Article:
Orange and Cranberry Kale with Pasta and Walnuts

Orange and Cranberry Kale with Pasta and Walnuts
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orange cranberry pasta with walnuts
Orange? Sure, why not!

Kale is showing up in the CSA shares pretty much every week, so we try to think of something new to do with it. This week, we looked a bit on the Internet, where we found the idea of mixing kale with walnuts and pasta. It sounded good, but we thought that the addition of some citrus would help. Originally, we were going to use lemon, but we wanted something slightly sweet to play against the slight bitter taste of kale. We also knew we’d be wanting the zest, and our lemons came from who knows where. We went with orange, also from our CSA share.

While we did look on the Internet for inspiration, nothing there really appealed, and we didn’t do much more than look at the titles, so we can’t really point out the exact site from which this hails. Instead, we’ll consider it a Scratchin’ It original recipe.

Orange and Cranberry Kale with Pasta and Walnuts

Yield: 2-3 servings

Orange and Cranberry Kale with Pasta and Walnuts


  • 1 batch (about 6 ounces dried) fresh pasta dough, cut into spaghetti
  • 1 orange
  • 1 Tbs olive oil
  • 1 bunch kale, stems removed and chopped
  • kosher salt, to taste
  • freshly ground red pepper, to taste
  • Pinch crushed red pepper flakes
  • 1/3 cup walnuts
  • 1/4 cup dried cranberries

Abbreviated Instructions

Zest and juice orange and combine in a small bowl. Set aside.

Boil and drain spaghetti, reserving 1/2 cup pasta water.

Meanwhile, heat oil in a large skillet over medium heat. Once hot, add kale, sprinkle with salt, pepper, and red pepper flakes, and cook until wilted and tender, about 5 minutes. Add walnuts, juice, zest, and cranberries and cook until heated through.

Add drained pasta and about 1/4 to 1/2 cup reserved liquid to make a sauce.

Serve immediately in heated bowls.

Ingredient discussion:

drying spaghetti
We decided to go with freshly-made spaghetti (or really, spaghetti alla chitarra) for our pasta. Other shapes will be fine, too.

We used a naturally- grown orange so there would be pesticides on the peel. If you use a commercially grown orange, it’s likely to be coated in wax to make it look glossy, so wash well with soap and water. For the pasta, we did a 50% whole-wheat fresh pasta — it’s only about 15 minutes of work and it tastes better. But, you can use dried, too. And, of course, other shapes. Finally, note that we recommend serving in heated bowls. At one time, we thought this was too much trouble, but it isn’t, at least if you aren’t baking. We just pop them in the oven set to 200°F before starting dinner, turn the oven off when it reaches 200°F, and pull them out for serving. No more difficult than taking them out of the cupboard.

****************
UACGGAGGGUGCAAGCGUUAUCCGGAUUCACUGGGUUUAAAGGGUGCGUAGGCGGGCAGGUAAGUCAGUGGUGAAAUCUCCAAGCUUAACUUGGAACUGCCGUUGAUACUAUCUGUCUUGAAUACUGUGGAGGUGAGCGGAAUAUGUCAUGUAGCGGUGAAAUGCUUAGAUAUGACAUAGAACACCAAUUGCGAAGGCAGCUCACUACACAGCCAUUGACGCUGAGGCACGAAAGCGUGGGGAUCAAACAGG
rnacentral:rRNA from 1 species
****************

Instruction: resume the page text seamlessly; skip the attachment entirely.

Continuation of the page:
Procedure in detail:

zesting and orange
Microplanes will make short work of zesting, and your thumb, if you aren’t careful.

Zest and juice. We find that a microplane is great for zesting citrus. It’s fast and efficient, but it will also zest your thumb, so use with care. Before we had a microplane, we used a chef’s knife. It was a bit more trouble but doable. After zesting, juice the orange and strain out the seeds. Now, since you’ll be adding the juice and the zest at the same time, you can just combine them in a small bowl and set aside.

Boil pasta. Okay, you should time the pasta so it’ll be done right around the time the kale is ready, probably 8 to 10 minutes. Don’t worry if you’re a bit off; either the pasta or the kale can wait a few minutes. A couple of things: save some of the pasta water — we scoop out some into a measuring cup — and don’t rinse the pasta after draining, because you’ll rinse away some of the sauce- thickening starch.

cooking kale
Cook the kale until it’s wilted and a bit tender, about 5 minutes.

Cook kale. Heat the oil in a large skillet over medium heat. When hot, add the kale and sprinkle with a bit of salt, pepper, and that pinch of red pepper flake. Not too much red pepper, unless you like spicy food. Cook and stir, stir and cook, until the kale is wilted and tender, about 5 minutes.

adding walnuts, cranberries, and orange
Cranberries go well with orange, and so do walnuts, so put them all in.

Add walnuts and more. Now, add the walnuts, zest and juice, and the cranberries, and stir and cook until everything is heated through. If you need to hold the kale for a few minutes while the pasta is finishing up, lower the heat.

adding pasta water
Some reserved pasta water is a great way to make a simple sauce for pasta.

Add pasta. Add the cooked pasta and about 1/4 cup of the reserved pasta water and stir to combine. Bring to a simmer, and, if you don’t have enough sauce, add more pasta water and stir in. If, like us, you didn’t reserve enough liquid, your dish won’t have much of a sauce, but it’ll still be good.

Serve. Divide among heated bowls and serve immediately.

We would have topped this with a bit of Parmesan if we’d had some. Alas, we were out, which is a rarity at Scratchin’ Central. Even without the cheese, this was a  good dish — one of us said “interesting, but good.” That’s a good way to describe it, as it does have a nice orange flavor, which is interesting paired with the pasta. Not what you might expect, but we think it works. And, best of all, it’s a way to eat kale other than sautéed with garlic, which is the most common way you’ll see it on the Internet.

Worth the trouble?

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